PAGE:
Development, feasibility and performance of a health risk appraisal questionnaire for older persons
1 Department of Geriatrics, University of Bern, Spital Bern-Ziegler, Morillonstrasse 75-91, CH-3001 Bern, Switzerland
2 Division of Geriatrics, Department of General Internal Medicine, Insel University of Bern Hospital, CH-3010 Bern, Switzerland
3 Department of Primary Care and Population Sciences, University College London, Hampstead Campus, Rowland Hill Street, London NW3 2PF, UK
4 Albertinen-Haus Geriatrics Centre, University of Hamburg, Sellhopsweg 18-22, D-22459 Hamburg, Germany
5 Department of Ageing and Health, Guys and St Thomas' NHS Foundation Trust, 9th Floor North Wing, St Thomas' Hospital, Lambeth Palace Road, London SE1 7EH, UK
6 Department of Health Care of the Elderly, Kings College London, Clinical Age Research Unit, King's College Hospital, Bessemer Road, London SE5 9PJ, UK
7 Department of Social and Preventive Medicine, University of Bern, Finkenhubelweg 11, CH-3012 Bern, Switzerland
8 Department of Emergency Medicine, University of California, Los Angeles, California, USA
9 School of Medicine, University of California, Los Angeles, 10833 Le Conte Ave. 32-144, Los Angeles CA-90024-1687, USA
BMC Medical Research Methodology 2007, 7:1 doi:10.1186/1471-2288-7-1Published: 11 January 2007
Health risk appraisal is a promising method for health promotion and prevention in older persons. The Health Risk Appraisal for the Elderly (HRA-E) developed in the U.S. has unique features but has not been tested outside the United States.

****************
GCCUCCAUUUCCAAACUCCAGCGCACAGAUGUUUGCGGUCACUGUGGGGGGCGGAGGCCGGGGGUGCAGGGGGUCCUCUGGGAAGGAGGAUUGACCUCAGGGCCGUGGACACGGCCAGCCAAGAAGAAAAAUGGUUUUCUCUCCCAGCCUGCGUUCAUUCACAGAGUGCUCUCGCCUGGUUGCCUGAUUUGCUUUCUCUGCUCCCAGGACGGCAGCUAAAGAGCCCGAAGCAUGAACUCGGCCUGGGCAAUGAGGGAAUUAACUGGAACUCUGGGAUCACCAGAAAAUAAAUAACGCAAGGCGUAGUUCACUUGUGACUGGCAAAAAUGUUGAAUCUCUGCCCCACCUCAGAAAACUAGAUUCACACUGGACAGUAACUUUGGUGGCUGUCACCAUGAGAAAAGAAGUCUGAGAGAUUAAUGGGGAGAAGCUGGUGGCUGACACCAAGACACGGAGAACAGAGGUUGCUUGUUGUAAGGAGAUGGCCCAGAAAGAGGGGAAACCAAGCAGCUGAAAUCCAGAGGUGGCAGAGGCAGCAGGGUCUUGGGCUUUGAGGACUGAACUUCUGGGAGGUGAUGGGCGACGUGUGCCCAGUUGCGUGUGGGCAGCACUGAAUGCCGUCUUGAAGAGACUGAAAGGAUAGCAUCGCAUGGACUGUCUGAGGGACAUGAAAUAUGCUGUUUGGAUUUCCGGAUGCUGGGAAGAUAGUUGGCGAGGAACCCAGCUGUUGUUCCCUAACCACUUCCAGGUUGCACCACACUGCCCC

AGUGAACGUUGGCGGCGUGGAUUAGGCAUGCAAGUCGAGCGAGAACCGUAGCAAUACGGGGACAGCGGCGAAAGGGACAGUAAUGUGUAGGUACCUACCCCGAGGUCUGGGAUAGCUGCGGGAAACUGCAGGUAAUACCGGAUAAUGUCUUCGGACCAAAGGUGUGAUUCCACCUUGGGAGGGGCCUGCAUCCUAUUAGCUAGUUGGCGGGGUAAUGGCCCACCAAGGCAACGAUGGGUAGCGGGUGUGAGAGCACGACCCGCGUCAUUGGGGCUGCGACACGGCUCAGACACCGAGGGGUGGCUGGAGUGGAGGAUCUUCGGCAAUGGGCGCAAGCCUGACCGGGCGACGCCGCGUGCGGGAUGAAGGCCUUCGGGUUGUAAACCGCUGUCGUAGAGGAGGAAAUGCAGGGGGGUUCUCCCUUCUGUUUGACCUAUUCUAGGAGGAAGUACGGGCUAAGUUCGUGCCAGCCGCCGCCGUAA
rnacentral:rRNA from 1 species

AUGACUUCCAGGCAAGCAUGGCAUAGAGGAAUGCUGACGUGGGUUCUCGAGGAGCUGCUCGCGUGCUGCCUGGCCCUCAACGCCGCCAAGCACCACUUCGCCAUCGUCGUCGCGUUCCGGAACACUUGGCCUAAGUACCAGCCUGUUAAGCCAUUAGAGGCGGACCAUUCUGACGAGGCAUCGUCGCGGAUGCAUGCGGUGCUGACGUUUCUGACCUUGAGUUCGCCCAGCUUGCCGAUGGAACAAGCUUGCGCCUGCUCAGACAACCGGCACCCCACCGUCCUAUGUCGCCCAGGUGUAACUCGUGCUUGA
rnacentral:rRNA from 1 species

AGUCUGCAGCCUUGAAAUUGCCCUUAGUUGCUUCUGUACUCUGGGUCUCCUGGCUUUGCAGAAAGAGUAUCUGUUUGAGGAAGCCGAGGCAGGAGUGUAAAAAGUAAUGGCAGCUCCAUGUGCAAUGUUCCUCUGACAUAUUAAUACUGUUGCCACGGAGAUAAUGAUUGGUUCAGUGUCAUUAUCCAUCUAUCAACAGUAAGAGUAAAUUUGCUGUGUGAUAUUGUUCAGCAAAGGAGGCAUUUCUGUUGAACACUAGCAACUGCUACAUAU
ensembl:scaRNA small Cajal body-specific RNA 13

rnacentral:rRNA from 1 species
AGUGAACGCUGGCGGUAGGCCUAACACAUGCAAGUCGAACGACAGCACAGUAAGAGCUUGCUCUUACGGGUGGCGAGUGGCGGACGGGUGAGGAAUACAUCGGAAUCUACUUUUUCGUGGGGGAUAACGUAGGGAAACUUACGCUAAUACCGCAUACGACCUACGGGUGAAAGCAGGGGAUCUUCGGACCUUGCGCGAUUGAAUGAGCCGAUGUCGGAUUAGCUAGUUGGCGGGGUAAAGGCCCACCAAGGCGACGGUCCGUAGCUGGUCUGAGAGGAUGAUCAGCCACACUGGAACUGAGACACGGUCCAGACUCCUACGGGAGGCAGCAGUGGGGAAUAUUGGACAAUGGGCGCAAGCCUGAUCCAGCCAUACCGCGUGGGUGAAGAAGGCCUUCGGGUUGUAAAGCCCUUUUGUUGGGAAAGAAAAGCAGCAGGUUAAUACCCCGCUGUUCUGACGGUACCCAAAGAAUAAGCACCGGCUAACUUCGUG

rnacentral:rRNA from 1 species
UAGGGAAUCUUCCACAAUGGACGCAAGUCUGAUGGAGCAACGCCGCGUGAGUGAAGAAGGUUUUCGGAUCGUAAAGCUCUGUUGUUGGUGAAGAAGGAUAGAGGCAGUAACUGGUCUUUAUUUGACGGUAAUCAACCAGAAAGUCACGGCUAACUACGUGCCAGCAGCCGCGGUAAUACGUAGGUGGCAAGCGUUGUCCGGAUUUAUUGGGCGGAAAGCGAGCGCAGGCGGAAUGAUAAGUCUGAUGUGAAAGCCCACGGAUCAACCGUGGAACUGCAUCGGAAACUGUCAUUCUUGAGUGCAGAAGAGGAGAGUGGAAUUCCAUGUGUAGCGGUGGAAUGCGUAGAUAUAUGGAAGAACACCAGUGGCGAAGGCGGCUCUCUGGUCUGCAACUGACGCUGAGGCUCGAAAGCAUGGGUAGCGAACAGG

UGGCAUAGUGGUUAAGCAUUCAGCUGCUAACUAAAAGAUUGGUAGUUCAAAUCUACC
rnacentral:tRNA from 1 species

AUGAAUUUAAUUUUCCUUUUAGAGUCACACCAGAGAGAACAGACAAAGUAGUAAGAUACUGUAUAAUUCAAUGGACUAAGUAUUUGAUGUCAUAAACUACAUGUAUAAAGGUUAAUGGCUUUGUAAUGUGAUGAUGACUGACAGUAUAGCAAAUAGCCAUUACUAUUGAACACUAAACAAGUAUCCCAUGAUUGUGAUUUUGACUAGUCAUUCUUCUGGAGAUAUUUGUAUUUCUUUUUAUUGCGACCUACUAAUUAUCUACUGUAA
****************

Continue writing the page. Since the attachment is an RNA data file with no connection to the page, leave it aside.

Based on the original HRA-E, we developed a scientifically updated and regionally adapted multilingual Health Risk Appraisal for Older Persons (HRA-O) instrument consisting of a self-administered questionnaire and software-generated feed-back reports. We evaluated the practicability and performance of the questionnaire in non-disabled community-dwelling older persons in London (U.K.) (N = 1090), Hamburg (Germany) (N = 804), and Solothurn (Switzerland) (N = 748) in a sub-sample of an international randomised controlled study.
Over eighty percent of invited older persons returned the self-administered HRA-O questionnaire. Fair or poor self-perceived health status and older age were correlated with higher rates of non-return of the questionnaire. Older participants and those with lower educational levels reported more difficulty in completing the HRA-O questionnaire as compared to younger and higher educated persons. However, even among older participants and those with low educational level, more than 80% rated the questionnaire as easy to complete. Prevalence rates of risks for functional decline or problems were between 2% and 91% for the 19 HRA-O domains. Participants' intention to change health behaviour suggested that for some risk factors participants were in a pre-contemplation phase, having no short- or medium-term plans for change. Many participants perceived their health behaviour or preventative care uptake as optimal, despite indications of deficits according to the HRA-O based evaluation.
The HRA-O questionnaire was highly accepted by a broad range of community-dwelling non-disabled persons. It identified a high number of risks and problems, and provided information on participants' intention to change health behaviour.